Saw this tweet yesterday:

It was a fun problem to think about and the two solutions on the site use the Stolz-Cesaro Lemma, which is basically l’Hospital’s rule for sums.

Through the various Christmas preparations yesterday I was wondering if there was a simple way to see why the limit exists in the first place. What follows below isn’t a rigorous proof (or even close to one!) but instead how I convinced myself that the limit probably does exist.

Since seeing Tim Gowers “live blog” his solution to an old IMO problem, I’ve been interested in occasionally sharing the solution process rather than polished solutions to problems. Two examples of problems I’ve used for that idea are below:

A Challenge / Plea to math folks

A challenge relating to a few problems giving my son trouble

So, for the problem at hand, here’s my “hand waving” approach to convincing myself that the limit even existed:

We know that:

and that

So I’ll approximate the difference we are considering like this for large :

The fact that this hand waving approach arrives at the “right” answer is just a coincidence as I’m playing pretty fast and loose with limit rules. But, at least I now have some indication that this strange (and lovely!) limit might actually exist.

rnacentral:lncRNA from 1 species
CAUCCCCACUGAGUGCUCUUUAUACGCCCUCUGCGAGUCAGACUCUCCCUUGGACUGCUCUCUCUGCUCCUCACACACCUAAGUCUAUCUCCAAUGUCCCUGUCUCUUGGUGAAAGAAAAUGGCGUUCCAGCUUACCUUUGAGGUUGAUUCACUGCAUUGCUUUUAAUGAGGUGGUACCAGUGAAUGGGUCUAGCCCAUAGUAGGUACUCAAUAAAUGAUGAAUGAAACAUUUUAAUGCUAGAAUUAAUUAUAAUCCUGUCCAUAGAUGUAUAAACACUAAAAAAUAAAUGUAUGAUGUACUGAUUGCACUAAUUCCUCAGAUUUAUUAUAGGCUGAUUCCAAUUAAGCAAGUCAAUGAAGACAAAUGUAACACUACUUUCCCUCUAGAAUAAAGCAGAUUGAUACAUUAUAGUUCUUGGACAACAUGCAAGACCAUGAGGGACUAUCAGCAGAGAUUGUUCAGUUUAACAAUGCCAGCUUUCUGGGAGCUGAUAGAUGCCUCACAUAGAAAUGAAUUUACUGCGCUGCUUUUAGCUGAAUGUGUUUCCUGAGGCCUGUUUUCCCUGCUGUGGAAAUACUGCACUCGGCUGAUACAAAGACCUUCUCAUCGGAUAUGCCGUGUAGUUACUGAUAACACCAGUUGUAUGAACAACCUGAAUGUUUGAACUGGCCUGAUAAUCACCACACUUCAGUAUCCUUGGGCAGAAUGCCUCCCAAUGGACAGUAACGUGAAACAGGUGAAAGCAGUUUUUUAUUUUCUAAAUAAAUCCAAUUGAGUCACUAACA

Just for fun here’s what the expression looks like for n up to 1,000,000:

Definitely a fun little problem to noodle over 🙂

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## Comments

Hi, how come, that last paren gives 1/n please?

Because e^x = 1 + x + x^2 / 2 + x^3 / 6 + . . . .

So, (I’ll just use 1/n instead of 1/(n+1) for simplicity,

e^(1/n) = 1 + (1/n) +(1/2)* (1/n)^2 + (1/6)*(1/n)^3 + . . . .

I thought this: (1/(n+1) + 1/2*1/(n+1)^2+…) should give 1/n for it to cancel with n in penultimate row of your proof, right? But why?

Cheers

Oh, sorry, I misunderstood and maybe should have included one more line in my sketch.

The “n” multiplies through and leaves terms that look like 1 + 1/(2n) and smaller terms. As n goes to infinity the terms of order 1/n and smaller go to zero.